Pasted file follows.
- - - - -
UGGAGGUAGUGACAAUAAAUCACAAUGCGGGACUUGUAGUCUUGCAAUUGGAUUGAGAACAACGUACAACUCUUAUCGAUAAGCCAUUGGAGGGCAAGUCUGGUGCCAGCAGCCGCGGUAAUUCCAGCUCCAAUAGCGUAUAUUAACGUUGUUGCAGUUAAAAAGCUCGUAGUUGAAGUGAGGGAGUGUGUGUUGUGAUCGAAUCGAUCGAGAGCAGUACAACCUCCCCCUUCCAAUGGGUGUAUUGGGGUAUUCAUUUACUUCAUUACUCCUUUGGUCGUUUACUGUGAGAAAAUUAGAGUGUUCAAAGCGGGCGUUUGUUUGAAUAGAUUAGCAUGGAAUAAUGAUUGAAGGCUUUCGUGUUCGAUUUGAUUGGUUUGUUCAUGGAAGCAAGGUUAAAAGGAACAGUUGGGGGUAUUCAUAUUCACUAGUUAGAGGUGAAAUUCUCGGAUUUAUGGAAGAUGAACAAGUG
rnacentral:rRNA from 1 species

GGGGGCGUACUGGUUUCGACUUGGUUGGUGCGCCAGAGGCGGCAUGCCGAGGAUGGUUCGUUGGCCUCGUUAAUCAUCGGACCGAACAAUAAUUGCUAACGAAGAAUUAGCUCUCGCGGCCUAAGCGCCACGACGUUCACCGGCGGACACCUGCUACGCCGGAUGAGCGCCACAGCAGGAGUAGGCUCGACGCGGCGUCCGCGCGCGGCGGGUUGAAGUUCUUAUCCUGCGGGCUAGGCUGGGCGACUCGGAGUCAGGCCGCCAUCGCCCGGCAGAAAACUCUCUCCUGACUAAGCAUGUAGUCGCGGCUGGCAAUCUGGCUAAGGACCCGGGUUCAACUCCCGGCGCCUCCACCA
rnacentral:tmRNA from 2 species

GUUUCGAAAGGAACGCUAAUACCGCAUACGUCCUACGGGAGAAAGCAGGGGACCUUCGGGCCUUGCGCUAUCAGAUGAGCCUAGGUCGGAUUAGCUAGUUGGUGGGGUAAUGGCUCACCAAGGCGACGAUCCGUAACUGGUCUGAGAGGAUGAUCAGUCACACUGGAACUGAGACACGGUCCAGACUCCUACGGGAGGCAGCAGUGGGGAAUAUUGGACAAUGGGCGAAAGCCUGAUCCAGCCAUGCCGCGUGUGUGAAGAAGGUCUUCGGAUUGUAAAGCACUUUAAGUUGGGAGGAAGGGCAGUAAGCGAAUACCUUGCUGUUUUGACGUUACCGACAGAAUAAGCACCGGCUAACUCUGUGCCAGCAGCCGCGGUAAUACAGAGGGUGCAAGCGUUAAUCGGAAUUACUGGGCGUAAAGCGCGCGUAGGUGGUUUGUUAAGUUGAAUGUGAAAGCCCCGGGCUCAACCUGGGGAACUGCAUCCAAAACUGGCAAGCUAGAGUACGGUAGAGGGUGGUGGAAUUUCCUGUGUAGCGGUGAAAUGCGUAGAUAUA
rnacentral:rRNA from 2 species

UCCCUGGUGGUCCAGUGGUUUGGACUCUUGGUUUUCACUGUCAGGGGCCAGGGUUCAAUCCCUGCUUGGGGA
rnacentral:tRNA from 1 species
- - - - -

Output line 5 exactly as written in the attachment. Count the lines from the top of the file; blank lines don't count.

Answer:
GUUUCGAAAGGAACGCUAAUACCGCAUACGUCCUACGGGAGAAAGCAGGGGACCUUCGGGCCUUGCGCUAUCAGAUGAGCCUAGGUCGGAUUAGCUAGUUGGUGGGGUAAUGGCUCACCAAGGCGACGAUCCGUAACUGGUCUGAGAGGAUGAUCAGUCACACUGGAACUGAGACACGGUCCAGACUCCUACGGGAGGCAGCAGUGGGGAAUAUUGGACAAUGGGCGAAAGCCUGAUCCAGCCAUGCCGCGUGUGUGAAGAAGGUCUUCGGAUUGUAAAGCACUUUAAGUUGGGAGGAAGGGCAGUAAGCGAAUACCUUGCUGUUUUGACGUUACCGACAGAAUAAGCACCGGCUAACUCUGUGCCAGCAGCCGCGGUAAUACAGAGGGUGCAAGCGUUAAUCGGAAUUACUGGGCGUAAAGCGCGCGUAGGUGGUUUGUUAAGUUGAAUGUGAAAGCCCCGGGCUCAACCUGGGGAACUGCAUCCAAAACUGGCAAGCUAGAGUACGGUAGAGGGUGGUGGAAUUUCCUGUGUAGCGGUGAAAUGCGUAGAUAUA